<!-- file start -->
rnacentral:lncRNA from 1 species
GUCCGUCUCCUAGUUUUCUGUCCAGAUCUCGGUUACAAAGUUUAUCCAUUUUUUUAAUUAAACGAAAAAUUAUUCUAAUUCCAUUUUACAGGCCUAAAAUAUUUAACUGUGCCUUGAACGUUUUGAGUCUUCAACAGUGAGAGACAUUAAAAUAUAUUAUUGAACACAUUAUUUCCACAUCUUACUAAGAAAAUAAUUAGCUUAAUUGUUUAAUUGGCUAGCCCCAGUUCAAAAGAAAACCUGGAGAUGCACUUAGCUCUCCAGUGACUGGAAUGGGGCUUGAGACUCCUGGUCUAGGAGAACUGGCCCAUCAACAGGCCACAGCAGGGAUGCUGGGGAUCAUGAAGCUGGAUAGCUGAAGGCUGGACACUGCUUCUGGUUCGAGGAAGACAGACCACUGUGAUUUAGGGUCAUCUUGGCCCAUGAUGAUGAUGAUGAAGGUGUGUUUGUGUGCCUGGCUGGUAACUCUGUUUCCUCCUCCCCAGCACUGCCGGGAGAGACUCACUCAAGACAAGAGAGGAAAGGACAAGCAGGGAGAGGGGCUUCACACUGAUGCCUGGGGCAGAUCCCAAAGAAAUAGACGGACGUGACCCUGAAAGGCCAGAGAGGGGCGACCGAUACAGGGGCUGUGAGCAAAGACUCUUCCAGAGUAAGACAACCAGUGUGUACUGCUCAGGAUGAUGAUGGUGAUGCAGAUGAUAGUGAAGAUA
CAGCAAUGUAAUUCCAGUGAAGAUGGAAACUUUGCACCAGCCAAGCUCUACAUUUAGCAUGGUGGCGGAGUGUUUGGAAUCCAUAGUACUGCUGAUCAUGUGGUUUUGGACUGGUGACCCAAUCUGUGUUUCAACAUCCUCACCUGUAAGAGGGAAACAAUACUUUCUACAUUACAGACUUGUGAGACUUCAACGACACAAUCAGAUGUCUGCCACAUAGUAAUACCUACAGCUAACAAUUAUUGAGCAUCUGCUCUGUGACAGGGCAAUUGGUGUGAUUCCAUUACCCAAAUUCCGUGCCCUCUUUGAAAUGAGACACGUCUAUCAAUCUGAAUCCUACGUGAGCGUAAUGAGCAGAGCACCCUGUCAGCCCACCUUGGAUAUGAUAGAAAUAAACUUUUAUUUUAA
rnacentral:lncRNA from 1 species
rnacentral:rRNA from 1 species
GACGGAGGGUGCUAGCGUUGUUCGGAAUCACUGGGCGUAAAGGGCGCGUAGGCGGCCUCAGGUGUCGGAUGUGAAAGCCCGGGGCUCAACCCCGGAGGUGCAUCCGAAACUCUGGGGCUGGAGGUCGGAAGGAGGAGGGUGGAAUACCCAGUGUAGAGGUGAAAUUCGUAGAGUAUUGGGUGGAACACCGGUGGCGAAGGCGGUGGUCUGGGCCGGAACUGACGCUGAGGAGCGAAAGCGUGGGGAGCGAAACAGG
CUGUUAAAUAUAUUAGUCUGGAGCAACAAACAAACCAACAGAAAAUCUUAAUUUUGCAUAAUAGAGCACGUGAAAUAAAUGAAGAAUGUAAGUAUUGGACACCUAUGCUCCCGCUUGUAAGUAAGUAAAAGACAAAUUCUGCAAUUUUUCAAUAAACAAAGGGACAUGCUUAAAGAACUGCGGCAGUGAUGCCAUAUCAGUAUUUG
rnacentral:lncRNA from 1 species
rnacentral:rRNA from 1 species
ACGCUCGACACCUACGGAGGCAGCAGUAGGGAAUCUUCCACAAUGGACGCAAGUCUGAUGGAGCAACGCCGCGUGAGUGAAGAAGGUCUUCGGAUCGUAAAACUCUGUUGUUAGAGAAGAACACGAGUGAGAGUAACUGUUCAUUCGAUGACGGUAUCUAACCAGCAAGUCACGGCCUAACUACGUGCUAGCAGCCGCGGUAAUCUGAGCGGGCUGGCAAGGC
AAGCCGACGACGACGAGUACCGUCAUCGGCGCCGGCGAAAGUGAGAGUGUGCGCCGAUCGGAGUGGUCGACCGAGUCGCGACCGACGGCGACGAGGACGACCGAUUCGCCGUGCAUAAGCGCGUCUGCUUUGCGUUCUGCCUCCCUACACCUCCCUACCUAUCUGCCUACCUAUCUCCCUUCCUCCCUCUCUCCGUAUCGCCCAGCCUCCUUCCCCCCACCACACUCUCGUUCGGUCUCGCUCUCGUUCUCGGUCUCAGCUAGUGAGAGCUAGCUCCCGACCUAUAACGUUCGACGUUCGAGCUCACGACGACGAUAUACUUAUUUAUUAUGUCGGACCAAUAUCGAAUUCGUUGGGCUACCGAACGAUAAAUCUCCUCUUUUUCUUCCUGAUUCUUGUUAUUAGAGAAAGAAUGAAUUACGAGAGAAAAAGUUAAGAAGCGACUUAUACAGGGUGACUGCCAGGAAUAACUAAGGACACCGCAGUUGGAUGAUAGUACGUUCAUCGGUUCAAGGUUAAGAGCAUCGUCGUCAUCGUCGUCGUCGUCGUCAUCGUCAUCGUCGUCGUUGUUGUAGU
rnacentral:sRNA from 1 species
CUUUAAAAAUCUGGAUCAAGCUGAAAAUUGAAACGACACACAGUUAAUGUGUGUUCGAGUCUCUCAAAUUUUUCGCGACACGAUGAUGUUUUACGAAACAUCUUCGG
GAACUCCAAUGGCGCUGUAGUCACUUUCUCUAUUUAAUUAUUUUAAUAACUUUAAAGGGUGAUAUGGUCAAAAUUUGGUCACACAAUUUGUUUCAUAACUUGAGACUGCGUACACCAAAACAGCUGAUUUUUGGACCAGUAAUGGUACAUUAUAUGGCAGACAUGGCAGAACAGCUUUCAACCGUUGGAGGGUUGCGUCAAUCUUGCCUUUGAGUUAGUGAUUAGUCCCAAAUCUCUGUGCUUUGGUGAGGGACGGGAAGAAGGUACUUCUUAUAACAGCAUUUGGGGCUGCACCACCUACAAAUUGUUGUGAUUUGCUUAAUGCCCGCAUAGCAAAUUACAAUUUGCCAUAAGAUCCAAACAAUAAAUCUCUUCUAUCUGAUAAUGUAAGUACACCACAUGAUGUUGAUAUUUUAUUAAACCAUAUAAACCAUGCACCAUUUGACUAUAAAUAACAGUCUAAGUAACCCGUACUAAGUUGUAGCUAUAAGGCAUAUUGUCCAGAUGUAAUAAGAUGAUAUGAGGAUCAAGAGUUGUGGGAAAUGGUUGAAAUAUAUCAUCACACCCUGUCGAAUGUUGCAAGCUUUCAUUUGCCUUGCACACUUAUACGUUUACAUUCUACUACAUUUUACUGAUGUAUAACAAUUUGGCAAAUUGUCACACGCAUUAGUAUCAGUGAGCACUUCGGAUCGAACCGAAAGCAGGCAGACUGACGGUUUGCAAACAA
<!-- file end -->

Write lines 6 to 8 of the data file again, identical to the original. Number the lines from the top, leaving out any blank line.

GACGGAGGGUGCUAGCGUUGUUCGGAAUCACUGGGCGUAAAGGGCGCGUAGGCGGCCUCAGGUGUCGGAUGUGAAAGCCCGGGGCUCAACCCCGGAGGUGCAUCCGAAACUCUGGGGCUGGAGGUCGGAAGGAGGAGGGUGGAAUACCCAGUGUAGAGGUGAAAUUCGUAGAGUAUUGGGUGGAACACCGGUGGCGAAGGCGGUGGUCUGGGCCGGAACUGACGCUGAGGAGCGAAAGCGUGGGGAGCGAAACAGG
CUGUUAAAUAUAUUAGUCUGGAGCAACAAACAAACCAACAGAAAAUCUUAAUUUUGCAUAAUAGAGCACGUGAAAUAAAUGAAGAAUGUAAGUAUUGGACACCUAUGCUCCCGCUUGUAAGUAAGUAAAAGACAAAUUCUGCAAUUUUUCAAUAAACAAAGGGACAUGCUUAAAGAACUGCGGCAGUGAUGCCAUAUCAGUAUUUG
rnacentral:lncRNA from 1 species